The actress also says that she wants to inspire people around her to think and work out of the box.
In a critical scene from Ek Ladki Ko Dekha Toh Aisa Laga (ELKDTAL), the film’s lead complains that it would’ve been better if she were 'normal’. This is when her lover responds, saying, “If you can’t accept the way you are, how can you expect others?” This isn’t a conventional conversation but a truism that is the very premise of the film that explores a lesbian relationship — a subject commercial cinema has forever shied away from. Films such as Fire, Dedh Ishqiya, and the more recent Angry Indian Goddesses may have brushed upon the subject, but there has hardly been a commercial film that has managed to sink its teeth into the challenges endured by those in same-sex relationships. For the topic to make its way into the mainstream, it took a bit of star power and for the last few years, Sonam Kapoor Ahuja has been using her onscreen might to shine the spotlight on people and issues that deserve attention. She has been fierce and consistent in her desire to not play it safe and this dedication is reflected in her choice of films. Neerja recalled the brave Pan Am purser Neerja Bhanot while in PadMan, she breathed life into the ambitions of Pari Walia, who educates rural women about menstrual hygiene.
The actress is aware that her star status comes with additional responsibility, for she says, “I have an added responsibility because of the position that I am in. Besides being an actor, being famous and being Anil Kapoor’s daughter, I think I have the responsibility as a person. Also, I am comfortable with taking on such roles. When you are privileged and successful, your responsibility doubles up,” says the Veere Di Wedding actress.
The actress also says that she wants to inspire people around her to think and work out of the box. “It’s important to not just ride the wave, but direct the wave you want so that everybody else can also ride it. I feel it is my responsibility to choose roles that will say something because I have that safety net. My films have to say something and it has to stand for something. There has to be something which will stir up a debate,” says Sonam.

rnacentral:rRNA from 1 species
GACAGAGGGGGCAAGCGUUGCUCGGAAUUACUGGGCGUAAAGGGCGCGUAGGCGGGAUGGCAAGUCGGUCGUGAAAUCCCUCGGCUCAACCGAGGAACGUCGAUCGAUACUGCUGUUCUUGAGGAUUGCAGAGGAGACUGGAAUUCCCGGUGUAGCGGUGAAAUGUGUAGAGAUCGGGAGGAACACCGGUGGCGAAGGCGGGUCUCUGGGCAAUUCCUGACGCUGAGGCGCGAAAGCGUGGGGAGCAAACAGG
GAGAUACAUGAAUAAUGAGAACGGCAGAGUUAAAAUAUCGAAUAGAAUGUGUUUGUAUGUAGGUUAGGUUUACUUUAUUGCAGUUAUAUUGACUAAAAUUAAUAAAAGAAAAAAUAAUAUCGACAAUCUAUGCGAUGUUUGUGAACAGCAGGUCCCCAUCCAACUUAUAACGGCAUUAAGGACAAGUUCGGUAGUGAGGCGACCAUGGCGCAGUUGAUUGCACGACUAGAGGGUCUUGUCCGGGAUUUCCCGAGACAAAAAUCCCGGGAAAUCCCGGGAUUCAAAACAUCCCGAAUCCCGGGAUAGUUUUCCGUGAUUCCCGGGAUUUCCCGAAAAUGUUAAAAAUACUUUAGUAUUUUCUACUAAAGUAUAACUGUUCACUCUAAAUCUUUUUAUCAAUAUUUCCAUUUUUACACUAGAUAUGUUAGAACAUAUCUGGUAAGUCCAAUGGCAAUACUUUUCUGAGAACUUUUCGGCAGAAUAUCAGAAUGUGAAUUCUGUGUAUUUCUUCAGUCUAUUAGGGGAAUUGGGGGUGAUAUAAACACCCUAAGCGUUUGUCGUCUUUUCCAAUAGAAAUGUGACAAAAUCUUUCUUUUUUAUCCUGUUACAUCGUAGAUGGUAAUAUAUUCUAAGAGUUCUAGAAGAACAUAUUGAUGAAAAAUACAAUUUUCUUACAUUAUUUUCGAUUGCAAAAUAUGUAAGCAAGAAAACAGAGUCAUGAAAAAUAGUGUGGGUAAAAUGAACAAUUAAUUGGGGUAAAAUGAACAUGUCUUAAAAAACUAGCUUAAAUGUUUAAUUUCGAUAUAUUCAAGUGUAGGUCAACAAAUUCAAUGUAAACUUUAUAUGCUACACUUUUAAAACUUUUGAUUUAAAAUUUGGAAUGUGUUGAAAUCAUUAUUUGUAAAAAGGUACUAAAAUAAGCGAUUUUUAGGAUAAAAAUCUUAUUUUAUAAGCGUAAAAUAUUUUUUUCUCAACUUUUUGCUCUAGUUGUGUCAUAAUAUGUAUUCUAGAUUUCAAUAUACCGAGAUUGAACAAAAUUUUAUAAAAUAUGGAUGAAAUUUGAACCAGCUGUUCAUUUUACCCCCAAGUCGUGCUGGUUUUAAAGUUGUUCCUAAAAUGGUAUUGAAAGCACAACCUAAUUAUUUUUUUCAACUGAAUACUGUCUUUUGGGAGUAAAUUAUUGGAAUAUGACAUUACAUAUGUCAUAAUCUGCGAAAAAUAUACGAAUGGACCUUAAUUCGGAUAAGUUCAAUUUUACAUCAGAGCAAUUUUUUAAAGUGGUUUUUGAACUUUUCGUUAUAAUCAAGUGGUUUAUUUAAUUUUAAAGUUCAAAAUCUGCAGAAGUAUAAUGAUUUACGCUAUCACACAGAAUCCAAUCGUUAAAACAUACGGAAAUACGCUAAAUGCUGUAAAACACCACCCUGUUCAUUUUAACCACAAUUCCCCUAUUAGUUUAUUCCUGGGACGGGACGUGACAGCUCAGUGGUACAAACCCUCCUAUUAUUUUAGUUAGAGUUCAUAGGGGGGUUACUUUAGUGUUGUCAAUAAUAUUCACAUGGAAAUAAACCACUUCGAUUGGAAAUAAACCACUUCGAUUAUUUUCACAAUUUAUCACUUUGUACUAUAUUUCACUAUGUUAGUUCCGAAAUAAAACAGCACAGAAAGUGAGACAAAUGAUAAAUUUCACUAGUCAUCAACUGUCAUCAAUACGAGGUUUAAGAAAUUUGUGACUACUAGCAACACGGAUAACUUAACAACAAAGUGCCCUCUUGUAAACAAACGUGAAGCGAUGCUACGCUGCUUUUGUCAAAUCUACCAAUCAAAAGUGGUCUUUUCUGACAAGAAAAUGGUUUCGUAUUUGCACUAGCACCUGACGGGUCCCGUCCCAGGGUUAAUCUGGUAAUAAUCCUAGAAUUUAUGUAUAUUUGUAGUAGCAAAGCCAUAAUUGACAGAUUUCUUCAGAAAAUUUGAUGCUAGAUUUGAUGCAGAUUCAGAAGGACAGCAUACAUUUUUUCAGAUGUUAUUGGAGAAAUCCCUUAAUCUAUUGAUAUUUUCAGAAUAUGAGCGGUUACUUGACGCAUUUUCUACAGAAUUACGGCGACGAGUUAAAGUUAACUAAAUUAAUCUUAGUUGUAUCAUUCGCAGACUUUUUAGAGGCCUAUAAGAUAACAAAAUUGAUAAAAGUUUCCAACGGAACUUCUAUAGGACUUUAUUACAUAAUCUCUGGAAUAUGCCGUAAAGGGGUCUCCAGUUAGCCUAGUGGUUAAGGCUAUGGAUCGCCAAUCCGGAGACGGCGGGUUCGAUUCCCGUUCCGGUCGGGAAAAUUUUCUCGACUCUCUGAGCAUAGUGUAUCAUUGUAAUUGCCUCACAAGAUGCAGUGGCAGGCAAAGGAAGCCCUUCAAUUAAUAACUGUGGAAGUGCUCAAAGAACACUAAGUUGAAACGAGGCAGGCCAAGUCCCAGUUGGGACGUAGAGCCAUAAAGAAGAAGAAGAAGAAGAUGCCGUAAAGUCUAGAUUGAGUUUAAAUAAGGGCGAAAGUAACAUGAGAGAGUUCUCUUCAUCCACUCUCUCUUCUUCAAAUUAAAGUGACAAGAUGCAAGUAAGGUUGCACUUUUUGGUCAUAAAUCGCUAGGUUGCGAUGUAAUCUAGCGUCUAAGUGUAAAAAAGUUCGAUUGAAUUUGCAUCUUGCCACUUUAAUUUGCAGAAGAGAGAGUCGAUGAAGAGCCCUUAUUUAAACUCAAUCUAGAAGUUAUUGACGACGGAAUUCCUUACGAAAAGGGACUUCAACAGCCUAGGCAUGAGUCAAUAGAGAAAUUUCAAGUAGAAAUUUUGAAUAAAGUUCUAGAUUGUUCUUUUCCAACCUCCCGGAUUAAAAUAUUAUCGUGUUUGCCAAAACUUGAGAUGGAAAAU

Sonam also takes a moment to praise the director of ELKDTAL, Shelly Chopra Dhar and writer Gazal Dhaliwal, for taking up an unfamiliar subject and exploring it in a relatable way. She says, “The writer of the film is from a small town and it’s made in a very familiar way. It is so innocent and honest that everybody will resonate with it. It is actually not easy to touch upon these subjects but it’s a very clean film and thanks to Shelly who choose to make a film like this.”
The Saawariya actress also says that she is waiting for the day when the LGBTQ community will no longer be weighed down by labels or discrimination and will get the acceptance they rightfully deserve. “I think in general, accepting the LBGTQ community is a little difficult in India. We have a long way to go, but I dream of a world where there are no labels, absolutely no labels; where there is no discussion about it anymore. It should just be normal,” she shares. Harping on her desire for labels to be done away with, she says, “I hope the point, where there are no labels, comes in my lifetime. There should not be labels like ‘gay’ or ‘lesbian’. The person should be looked at as a human being. There shouldn’t be a label and for me, that will be utopia.”
The actress also tells us how she feels about sharing screen space with her dad, since this is the first film that stars both father and daughter. She says, “On the sets, we are like co-stars, at least, I think we are. I have never worked with him in any capacity. I knew he is ridiculously successful for a reason. When I came on sets, I realised his dedication is the reason he is still a huge star today, whereas his contemporaries are nowhere close to what he is doing right now.” Like a true daddy’s girl, Sonam says she is greatly inspired by her father’s focus and humility. She says, “He just happens to be good looking, young looking but he never wanted to be a star. He wants to be an actor and that was his focus. Fifty years from now, I hope I have the same dedication that my father has.”